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Flash Review, 8-16: Alt-Dance
Espresso Improv

By Asimina Chremos
Copyright 2000 Asimina Chremos

SEATTLE -- Hello, Dance Insiders! Asimina here reporting from the Seattle Festival of Alternative Dance and Improvisation. I know Ben-Itzak is having a fit because my report is late... but hell! In typical festival fashion I've been participating in mind-blowing workshops eight hours a day, seen some provoking performance, gone drinking, gotten very little sleep, and slept in a different place every night. Taken a lot of busses out to far-flung Ballard and back, fueled myself with the ever-flowing river of espresso running through the Emerald City.... I'm here at the Aurafice Internet Cafe and I have about 40 minutes to record my thoughts before running back to dance in the divine Kathleen Hermesdorf's tech class.

The SFADI brings together an impressive community of artists and students, all committed to the various permutations of current explorations in body-based performing arts. All the workshops and performances take place in the generous, welcoming caverns of the Odd Fellows building, where the Velocity Studios and the Freehold Theater are housed.

In the Student Performance last night, I was impressed with the elan, joie de vivre, and creativity I saw from the youthful participants. From a simple walking score for a large group, to a soulful airy quartet by two women dancers and two men on drum and voice, there was a level of playfulness, awareness, and depth that contrasted so wildly to the type of contrived modern dance one can see coming out of college level dance departments. Several solos combining dance and speaking were powerful, either for their humor and sarcasm or their honesty and fearlessness.

I saw two Faculty Programs. This Arising, organized by the shamanistic Christina Svane, opened the 7pm show. I am taking Svane's intensive, studying with her every day for two hours. Her work is deeply rooted in her Tibetan Buddhist practice. She has challenged all of us to perceive our work in a context of spirituality, of devotion and service. How wonderful, scary, and disorienting for me. She's teaching for Ishmael Houston-Jones, who could not come because his mother passed away recently. A shout-out of love and compassion to Ish! We miss him.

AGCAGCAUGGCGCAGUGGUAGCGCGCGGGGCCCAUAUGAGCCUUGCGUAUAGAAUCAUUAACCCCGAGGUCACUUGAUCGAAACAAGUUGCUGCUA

Svane sang and played the harmonium stage right, Margit Galanter reached long, antennae-like arms out of the wings to begin her improvised solo. She then appeared in fishlike sequined green tunic and blue velvet pants, twisting, falling, and opening her self to space. In fluid, intricate kneels she expressed power, struggle, and seeking. Nancy Stark Smith and her famous ponytail later entered, and what can I say about this? I know that Nancy is primarily a teacher and torchbearer of contact improvisation, and I found myself watching to see how she puts to use her skills of intuition and perception to use in a solo performance context. She's a quiet but certain presence, exploring and showing what she explores, finding gestures, ideas, and moments, delivering them as consciously as she can to the attentive audience.

It was fascinating to watch Nancy Stark Smith, Cathy Caraker, Andrew Marcus, and Kim Epifano dance together in the Group Contact Improvisation. Epifano brings speaking and vocalizing into contact, it's a big part of her work (I took her rockin' Sound Waves class this very morning), and it makes the dance more playful and communicative. At times, it illuminates the internal narrative for the audience. The kids in the audience loved watching the contact dancing.

The final piece on the programme was Relic, by the local Dappin' Butoh director Joan Laage. Suspended on an oversize rope ladder in an orange dress that sported plastic food items on the skirt, she dangled, clowned, and dripped, dropped, fell from one rung to the next to the floor while some very upbeat techno music played. Two of her dancers, shirtless in Japanese-looking pants and cummerbunds, were living demonic advancing columns on either side. Butoh is just such a good formula for performance. The white makeup, the moving images.... It usually works very well for me as a viewer. I didn't have the same transcendent amazement I once had watching Ko Morobushi, but it was well-crafted. I also enjoyed Laage's workshop earlier that day, where she turned the crowded class into starfish, tsunamis, and trees.

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